# Summer Immersion 2015

This full-day immersion was based around a mathematical ice-breaker, two in-depth, exploratory problem-solving sessions, and a collaborative class-planning session.

# September session, 2015

Session Leader: Hanna Bennett (University of Michigan)
Title: Semi-Regular Tilings

In the August workshop we explored tiling the plane with copies of a single polygon. In this September session we'll revisit that work and expand on it by allowing ourselves to work with congruent copies of TWO different polygons. In particular, we'll see what tilings we can get using two regular polygons. We will answer the following questions: How many different such tilings are there? How do we know these work, and that there are no others?

An important tool in answering these questions will be symmetries of the plane. We'll tie this work to the Common Core State Standards concerning transformations and discuss what parts of our mathematical exploration can be used in your classrooms.

If time allows we will also work with "Escher-esque" hexagonal tilings, a mathematical-artistic activity you can bring into classrooms at various grade levels.

Resources
• The warmup, Pizza Party Challenge, can be found at www.collaborativemathematics.org
• See a summary of the tiling task on the NRICH website. Note: they have tile templates here for download, but the size is different than the ones we used at the MTC session.
• PDFs of the different tiles to be cut out.
• When Hanna first solved this problem a few years ago, she wrote out a pretty complete solution for herself. See her complete solution here. Note that parts of her justification may take a different approach than we took during the Circle.

# October session, 2015

Session Leader: Scott Schneider (University of Michigan)
Title: What color is your hat?

Imagine that you are in a group of people wearing hats of various colors, where you can see the colors of all the hats but your own. If you are allowed to strategize with the group beforehand but otherwise cannot communicate in any way after putting on the hats, how might you determine the color of your own hat? Can you make a guess that is more likely to be correct than if you had guessed at random? This is the premise of several intriguing puzzles with surprising solutions that we will consider-- and act out!--during this session.

Resources

# November session, 2015

Title: Lattice squares and a whole lot more

In this session we start by considering lattice squares. That is, squares whose vertices are on integer points of the coordinate plane. This leads us to a number theoretic question: What numbers can be expressed as the sum of two perfect squares?

Resources

# January session, 2016

Session Leader: Hy Bass (University of Michigan)
Title: Relations Between Different Math Problems: What are they like? What are they good for?

Sometimes you (or your students) practice new mathematical knowledge/skills by solving many variations of the same kind of problem, wherein what varies is not the math, but the story context. We are going to play with some problems that have more complex and subtle kinds of mathematical relations, and explore the range of such possible mathematical connections.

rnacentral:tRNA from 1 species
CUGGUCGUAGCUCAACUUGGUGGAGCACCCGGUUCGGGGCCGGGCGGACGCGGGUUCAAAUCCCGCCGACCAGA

This is helpful for cultivating what I like to call "connected mathematical thinking." Moreover it has the advantage that, when you recognize how two problems are essentially the "same" mathematically, then you only have to solve one of them.

Resources

# February session, 2016

Session Leader: Amanda Sereveny (Riverbend Community Math Center)
Title: Mathematical Origami

What shapes can be folded from paper? During this session, we will explore questions relating to this one while folding geometric models. During our journey, we will consider questions relating to angles, patterns of mountain and valley folds, facts about triangles and parallel lines, and origami folding axioms that can be used for geometric constructions.

Resources

# March session, 2016

Session Leader: Yunus Zeytuncu (University of Michigan, Dearborn)
Title: Frobenius Problem (or What Football Scores are Possible?)

If the Michigan Wolverines football team finished a game with 31 points, can we confidently tell how many touchdowns they scored? What happens if the NCAA eliminates the point(s)-after-touchdown, can a team still score 28 points at the end of a game? We will find answers to these questions in the next WCMTC.

Resources

# April session, 2016

Session Leader: Nina White (University of Michigan)
Title: Mathematical Games to Challenge and Engage

We'll explore a variety of mathematical games that both support computational skills and engage and challenge our mathematical reasoning. You'll get to enjoy these activities yourself and the presenter will include resources and ideas for bringing them into you classrooms.

Resources

# May session, 2016

Session Leader: Gabriel Frieden (University of Michigan)
Title: Oiling up your math (and drawing) skills with Euler

Leonhard Euler (pronounced "Oy-ler") was a famous 18th century mathematician. In this session, we will explore some of his discoveries related to the mathematical concept of a "graph" (note: this has nothing to do with x-y coordinates!). Along the way, we will cross bridges, draw without lifting our pencil, and even learn about soccer balls.

Resources